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Lewis Nash and Steve Wilson at JazzNights

David A. Orthmann By

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Lewis Nash and Steve Wilson
Hockaday/Jones Barn
JazzNights
Hopewell, NJ
April 9, 2017

Two tacit, entwined propositions animated a performance by Lewis Nash and Steve Wilson at JazzNights, a long running concert series in the Princeton, NJ area curated by Mary Wisnovsky and Maitland Jones. The first is that it's possible for the compositions of Duke Ellington, Fats Waller, Dizzy Gillespie, Thelonious Monk, Horace Silver, Billy Strayhorn, and Denzil Best to coexist in a cohesive, artistically satisfying fashion. (Wilson's and Nash's superb 2014 recording, Duologue on MCG Jazz, extended their interpretative reach to include music by Ornette Coleman, Eddie Harris, as well as three of Wilson's compositions.) Throughout a ninety minute set in the comfortable confines of the Hockaday/Jones Barn, Nash and Wilson proved that the juxtaposition of material consigned to different eras of jazz history, oftentimes the province of ad hoc ensembles and academically tinged projects, can thrive as present-centered activity rather than primarily a celebration of the past.

The second, closely related proposition is that a drummer and a saxophonist are capable of illuminating all of this music without the help of additional instrumentation—something that Nash and Wilson have been doing since 2001—by playing in living, breathing ways that aren't dwarfed by the accomplishments of their iconic predecessors. In contrast to the abundance of saxophone and drum segments that are part of the contemporary performance landscape—sometimes all friction, heat, and intensity—Wilson and Nash weren't butting heads and charging down well-trodden pathways; rather, they made accessible, audience friendly music that often sounded like a witty conversation between two old friends.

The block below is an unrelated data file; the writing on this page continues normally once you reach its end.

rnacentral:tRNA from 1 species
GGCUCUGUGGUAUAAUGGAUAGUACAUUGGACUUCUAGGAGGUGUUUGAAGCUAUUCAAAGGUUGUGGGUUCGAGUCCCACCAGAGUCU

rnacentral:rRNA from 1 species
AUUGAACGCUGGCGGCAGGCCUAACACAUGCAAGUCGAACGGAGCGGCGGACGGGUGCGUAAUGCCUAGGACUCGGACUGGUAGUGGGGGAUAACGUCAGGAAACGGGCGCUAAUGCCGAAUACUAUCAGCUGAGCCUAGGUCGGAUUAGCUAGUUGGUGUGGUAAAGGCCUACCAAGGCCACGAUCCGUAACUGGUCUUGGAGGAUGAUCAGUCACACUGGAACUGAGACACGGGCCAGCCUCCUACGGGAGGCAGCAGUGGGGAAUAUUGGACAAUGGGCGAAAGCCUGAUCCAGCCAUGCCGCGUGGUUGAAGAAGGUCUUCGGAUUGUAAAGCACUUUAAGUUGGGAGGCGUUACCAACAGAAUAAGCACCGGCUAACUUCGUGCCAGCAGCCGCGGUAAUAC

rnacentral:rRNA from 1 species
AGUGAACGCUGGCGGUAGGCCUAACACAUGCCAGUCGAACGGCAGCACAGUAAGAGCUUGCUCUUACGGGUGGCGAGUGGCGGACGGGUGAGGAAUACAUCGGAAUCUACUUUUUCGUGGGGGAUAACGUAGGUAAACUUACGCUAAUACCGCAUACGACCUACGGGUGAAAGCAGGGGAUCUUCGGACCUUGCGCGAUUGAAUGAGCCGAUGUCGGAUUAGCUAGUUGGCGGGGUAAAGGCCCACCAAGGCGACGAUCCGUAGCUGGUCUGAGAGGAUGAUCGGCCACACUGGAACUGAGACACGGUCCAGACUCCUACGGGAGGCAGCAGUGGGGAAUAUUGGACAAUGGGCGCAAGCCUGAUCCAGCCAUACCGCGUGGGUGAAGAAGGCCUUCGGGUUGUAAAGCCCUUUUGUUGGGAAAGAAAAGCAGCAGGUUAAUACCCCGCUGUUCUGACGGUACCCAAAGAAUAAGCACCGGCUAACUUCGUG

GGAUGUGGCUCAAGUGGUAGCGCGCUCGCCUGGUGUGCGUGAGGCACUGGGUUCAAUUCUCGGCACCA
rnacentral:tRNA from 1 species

"Wrong Is right," Thelonious Monk's oft quoted line regarding the limitations of hewing to conventional thought and practices, was a good thing to keep in mind during the course of Nash's and Wilson's performance. On the one hand, they were operating within the wide confines of the jazz mainstream; on the other, rules were routinely bent, playfully subverted or broken. With the exception of one solo performance apiece—Wilson's interpretation of Strayhorn's "Chelsea Bridge" and Nash's take on Best's "Move"—the music wasn't about them as individuals; rather, it emphasized their fearlessness and absolute trust in one another. An up-tempo version of Gillespie's "Woody 'N' You" was one of many examples of a near telepathic connection in which they completed each other's phrases. At the end of Wilson's improvised choruses during Ellington's and Tizol's "Caravan," he routinely left ample space for Nash's comments.

In managing the business of simultaneously accompanying and interacting with Wilson, Nash moved around bits of vocabulary in a matter of seconds. Though everything was executed on the fly, you could hear the results of a mind at work, as he briefly established a tangible thought or groove and then, without hesitation, moved on without any regard for propriety. Frequent changes in implements—sticks, brushes (including the handles), mallets, hands, and fingernails—weren't flashy or impatient; rather, they were but one aspect of his ongoing conversation with Wilson. During "Jitterbug Waltz," Nash imitated a portion of Waller's melody with brush handles on the cymbals, played straight time, and at one point answered Wilson with an efficient sweep of the brush across the drum head. He was also a master at shifting the feel of the music without disrupting the flow. For instance, during a portion of Ellington's "The Mooche," Nash's stomping swing beat underpinned Wilson's soprano sax. When he suddenly took the steady bass drum out of the mix for a time the music briefly took on another, slightly different character, before he put it back into place.

Wilson's vocabulary was every bit as impressive as Nash's; however, he frequently played in ways that disguised his proficiency in favor of maximizing his rapport with the drummer and constructing coherent improvisations that contained speech-like patterns. "The Mooche" was the first of several instances in which he forged a slippery kind of order out of a series of tart, clipped phrases. Initially leaving a lot of open space that was filled by Nash's brushes, a turn on "Jitterbug Waltz" gradually became more animated when Wilson threw down a number of blues drenched utterances. During a particularly heated portion of "Woody 'N' You," several jagged, intermittent blasts were eventually converted into precise, orderly phrases.

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